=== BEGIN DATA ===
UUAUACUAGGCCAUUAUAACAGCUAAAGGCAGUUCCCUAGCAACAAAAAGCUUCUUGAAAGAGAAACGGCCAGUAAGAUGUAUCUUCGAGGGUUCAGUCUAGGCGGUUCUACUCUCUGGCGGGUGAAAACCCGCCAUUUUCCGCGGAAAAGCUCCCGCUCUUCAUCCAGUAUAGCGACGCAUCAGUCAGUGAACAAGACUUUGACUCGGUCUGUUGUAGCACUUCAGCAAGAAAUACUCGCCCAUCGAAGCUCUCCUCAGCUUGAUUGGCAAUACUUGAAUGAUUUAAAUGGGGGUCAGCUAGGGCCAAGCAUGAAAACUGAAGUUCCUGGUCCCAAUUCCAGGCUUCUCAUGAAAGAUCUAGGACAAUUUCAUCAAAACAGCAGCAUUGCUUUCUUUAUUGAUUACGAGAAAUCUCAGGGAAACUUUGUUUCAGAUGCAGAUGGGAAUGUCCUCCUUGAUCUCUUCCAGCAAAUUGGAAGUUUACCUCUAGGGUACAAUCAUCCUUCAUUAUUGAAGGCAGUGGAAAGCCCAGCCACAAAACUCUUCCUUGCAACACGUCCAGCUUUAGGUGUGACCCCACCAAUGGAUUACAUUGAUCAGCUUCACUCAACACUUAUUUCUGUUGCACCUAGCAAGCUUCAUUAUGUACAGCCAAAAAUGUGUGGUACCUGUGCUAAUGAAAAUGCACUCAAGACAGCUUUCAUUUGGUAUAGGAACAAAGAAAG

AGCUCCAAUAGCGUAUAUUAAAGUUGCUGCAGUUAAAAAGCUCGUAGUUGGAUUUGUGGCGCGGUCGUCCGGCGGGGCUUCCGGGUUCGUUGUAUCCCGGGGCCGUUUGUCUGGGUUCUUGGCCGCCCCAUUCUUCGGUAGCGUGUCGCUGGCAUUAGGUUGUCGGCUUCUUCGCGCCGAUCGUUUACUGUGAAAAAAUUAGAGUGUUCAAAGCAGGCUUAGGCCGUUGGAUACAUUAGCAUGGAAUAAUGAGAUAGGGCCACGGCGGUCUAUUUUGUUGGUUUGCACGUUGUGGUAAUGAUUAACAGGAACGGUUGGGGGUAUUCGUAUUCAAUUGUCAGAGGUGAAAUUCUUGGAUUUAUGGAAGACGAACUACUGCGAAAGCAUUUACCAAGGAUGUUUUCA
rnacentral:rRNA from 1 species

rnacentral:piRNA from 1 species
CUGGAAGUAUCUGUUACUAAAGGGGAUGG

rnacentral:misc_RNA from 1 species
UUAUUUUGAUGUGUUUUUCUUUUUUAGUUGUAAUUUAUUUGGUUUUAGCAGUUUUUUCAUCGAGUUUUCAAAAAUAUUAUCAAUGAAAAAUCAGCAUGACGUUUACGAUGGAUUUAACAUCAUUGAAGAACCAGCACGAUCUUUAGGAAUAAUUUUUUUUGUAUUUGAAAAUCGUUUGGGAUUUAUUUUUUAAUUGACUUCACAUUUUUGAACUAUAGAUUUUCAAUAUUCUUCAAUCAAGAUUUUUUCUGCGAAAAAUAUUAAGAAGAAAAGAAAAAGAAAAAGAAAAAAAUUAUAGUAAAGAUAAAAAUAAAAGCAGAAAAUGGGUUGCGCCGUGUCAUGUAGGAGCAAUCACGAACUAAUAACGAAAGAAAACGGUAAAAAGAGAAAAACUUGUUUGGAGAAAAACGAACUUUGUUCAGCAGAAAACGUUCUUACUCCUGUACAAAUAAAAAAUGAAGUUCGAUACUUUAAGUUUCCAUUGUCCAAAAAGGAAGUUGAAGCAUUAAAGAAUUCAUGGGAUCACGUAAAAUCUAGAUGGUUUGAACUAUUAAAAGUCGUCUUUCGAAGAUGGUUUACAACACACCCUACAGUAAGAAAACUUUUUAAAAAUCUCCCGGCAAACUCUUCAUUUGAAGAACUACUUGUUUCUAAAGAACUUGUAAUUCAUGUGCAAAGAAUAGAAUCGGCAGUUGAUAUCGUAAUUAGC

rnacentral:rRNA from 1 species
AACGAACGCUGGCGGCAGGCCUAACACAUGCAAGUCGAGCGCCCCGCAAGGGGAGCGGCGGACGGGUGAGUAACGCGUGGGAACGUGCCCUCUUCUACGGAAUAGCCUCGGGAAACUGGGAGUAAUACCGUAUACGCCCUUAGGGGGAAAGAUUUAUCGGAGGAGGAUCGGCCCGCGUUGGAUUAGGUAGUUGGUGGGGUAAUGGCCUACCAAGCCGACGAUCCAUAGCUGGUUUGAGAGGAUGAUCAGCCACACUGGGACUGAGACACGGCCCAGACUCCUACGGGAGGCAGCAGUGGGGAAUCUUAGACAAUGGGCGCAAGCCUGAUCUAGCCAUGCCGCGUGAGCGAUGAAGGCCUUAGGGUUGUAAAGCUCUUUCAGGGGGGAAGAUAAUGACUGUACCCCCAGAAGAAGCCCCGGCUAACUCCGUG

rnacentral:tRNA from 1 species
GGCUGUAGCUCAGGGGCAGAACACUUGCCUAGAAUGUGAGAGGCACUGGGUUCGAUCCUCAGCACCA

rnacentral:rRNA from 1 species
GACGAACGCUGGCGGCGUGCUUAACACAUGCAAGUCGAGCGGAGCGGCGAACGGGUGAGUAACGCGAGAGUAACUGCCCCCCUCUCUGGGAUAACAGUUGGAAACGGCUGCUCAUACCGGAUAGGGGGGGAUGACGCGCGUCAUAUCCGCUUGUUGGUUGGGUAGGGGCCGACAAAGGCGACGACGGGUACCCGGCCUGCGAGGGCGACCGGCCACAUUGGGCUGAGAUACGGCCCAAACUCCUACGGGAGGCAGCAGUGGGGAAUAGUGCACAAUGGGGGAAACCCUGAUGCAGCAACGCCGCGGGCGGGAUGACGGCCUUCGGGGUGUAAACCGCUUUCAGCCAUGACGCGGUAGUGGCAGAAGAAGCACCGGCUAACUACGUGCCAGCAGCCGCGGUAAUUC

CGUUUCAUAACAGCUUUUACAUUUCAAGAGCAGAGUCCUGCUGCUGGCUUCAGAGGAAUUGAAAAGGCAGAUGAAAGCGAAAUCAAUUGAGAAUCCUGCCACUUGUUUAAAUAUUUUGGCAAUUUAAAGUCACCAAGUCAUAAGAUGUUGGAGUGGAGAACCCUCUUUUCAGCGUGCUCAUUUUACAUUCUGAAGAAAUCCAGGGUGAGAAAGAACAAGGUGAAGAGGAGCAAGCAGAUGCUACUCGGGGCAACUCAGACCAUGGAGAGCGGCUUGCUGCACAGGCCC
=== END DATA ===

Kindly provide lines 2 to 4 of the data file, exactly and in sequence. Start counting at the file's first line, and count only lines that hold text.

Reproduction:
AGCUCCAAUAGCGUAUAUUAAAGUUGCUGCAGUUAAAAAGCUCGUAGUUGGAUUUGUGGCGCGGUCGUCCGGCGGGGCUUCCGGGUUCGUUGUAUCCCGGGGCCGUUUGUCUGGGUUCUUGGCCGCCCCAUUCUUCGGUAGCGUGUCGCUGGCAUUAGGUUGUCGGCUUCUUCGCGCCGAUCGUUUACUGUGAAAAAAUUAGAGUGUUCAAAGCAGGCUUAGGCCGUUGGAUACAUUAGCAUGGAAUAAUGAGAUAGGGCCACGGCGGUCUAUUUUGUUGGUUUGCACGUUGUGGUAAUGAUUAACAGGAACGGUUGGGGGUAUUCGUAUUCAAUUGUCAGAGGUGAAAUUCUUGGAUUUAUGGAAGACGAACUACUGCGAAAGCAUUUACCAAGGAUGUUUUCA
rnacentral:rRNA from 1 species

rnacentral:piRNA from 1 species